More than 400 young hackers are waking from their first decent sleep in two days after four teams from the University of NSW (UNSW) beat out the competition to dominate this year’s Cybersecurity Challenge Australia (CySCA) 2018.
Yet as skills-hungry employers descend with internship and job offers for the cohort of future cybersecurity specialists, industry sponsors were breathing a sigh of relief that, once again, the 103 hacking challenges they contrived proved hard enough to sustain 24 hours of continuous probing by some of Australia’s sharpest minds.
Each sponsor designs and prepares challenges in their area of expertise. For major sponsor Telstra – which hosted the CySCA servers and monitored the nationwide event from its Melbourne headquarters – preparing for the event takes a full-time team of seven people, and a support team of 15 more, over seven months.
“It’s a fairly big investment in people, time, and money,” Telstra CISO Berin Lautenbach told CSO Australia. “But it’s also great for my team – as they say, you learn the most when you teach – and it just grabs people because it’s a practical application of the skills they are learning in university. It’s puzzle-solving at scale.”
CySCA is well-sponsored – sponsors include the Australian Cyber Security Centre (ACSC), Australian Information Security Association (AISA), BAE Systems, Commonwealth Bank of Australia, Microsoft, Splunk, AustCyber, Cisco, HackLabs, PwC, and Telstra – and the interest is more than academic, so to speak.
“We want the entire industry to have good people,” Lautenbach said. “It’s in everyone’s interest for all the companies around Australia to have good security people.”
Hard enough but not too hard
Lyn Moore, first assistant director-general for Engagement, Operations and Intelligence with the ACSC, highlighted the value of the competition for students in launching the event on Tuesday.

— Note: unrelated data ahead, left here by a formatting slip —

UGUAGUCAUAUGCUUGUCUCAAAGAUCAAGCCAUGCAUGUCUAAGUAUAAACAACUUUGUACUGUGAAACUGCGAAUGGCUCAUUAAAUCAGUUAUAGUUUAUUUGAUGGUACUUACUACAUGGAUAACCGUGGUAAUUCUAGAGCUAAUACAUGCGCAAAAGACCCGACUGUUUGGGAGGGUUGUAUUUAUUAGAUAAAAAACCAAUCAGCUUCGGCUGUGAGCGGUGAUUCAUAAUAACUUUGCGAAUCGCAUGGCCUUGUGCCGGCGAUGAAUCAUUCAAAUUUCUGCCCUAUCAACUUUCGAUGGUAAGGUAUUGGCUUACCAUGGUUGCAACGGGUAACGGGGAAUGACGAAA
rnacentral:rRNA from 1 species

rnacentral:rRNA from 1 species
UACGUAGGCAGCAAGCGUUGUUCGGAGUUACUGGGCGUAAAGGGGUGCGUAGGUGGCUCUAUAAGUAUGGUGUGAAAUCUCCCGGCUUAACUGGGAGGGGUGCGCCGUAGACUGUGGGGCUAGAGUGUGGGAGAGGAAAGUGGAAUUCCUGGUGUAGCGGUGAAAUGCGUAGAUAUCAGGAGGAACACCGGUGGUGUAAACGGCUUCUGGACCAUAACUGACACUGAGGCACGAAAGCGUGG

“This is a great way for you to get real-world experience and establish yourself in our community,” she said while noting the “fantastic” inclusion of two all-female teams at the first-ever CySCA meetup, at AISA’s national conference.
“We need people who can drive forward the cybersecurity message and work out ways to do that more efficiently,” Moore told CSO Australia. “If we can encourage people to see that this is a viable option for them, and that there are always plenty of jobs out there, they’re never going to be wanting for work in cybersecurity.”
Recognising the diversity of skilled people now coming to cybersecurity, organisers walk a fine line between making the challenge hard enough that it tests even the most talented entrants – and making it easy enough that the increasingly diverse range of entrants.
One student, for example, has only been studying cybersecurity for 8 weeks and many others come from non-technical backgrounds. This breadth of skills must be accommodated in designing the challenges: “You want a bit of everything,” Lautenbach said.
David Stocks knows the importance of delivering a finely balanced competition. A competitor in the first-ever CySCA competition while he was a student at Monash University, Stocks now works as a senior manager for cyber security consulting with PwC Australia.
“It’s quite hard to design these things,” Stocks told CSO Australia. “You have to make sure the thing you’re making is broken in only one way, and that people will be able to find it, and that it’s the thing you intended.”
“The worst fear is of a team finishing very quickly, if someone is able to circumvent your challenge and do this not-very-hard thing to get in. But people do come up with ways of breaking things you intended to break, but in completely different ways – and that can be a challenge.”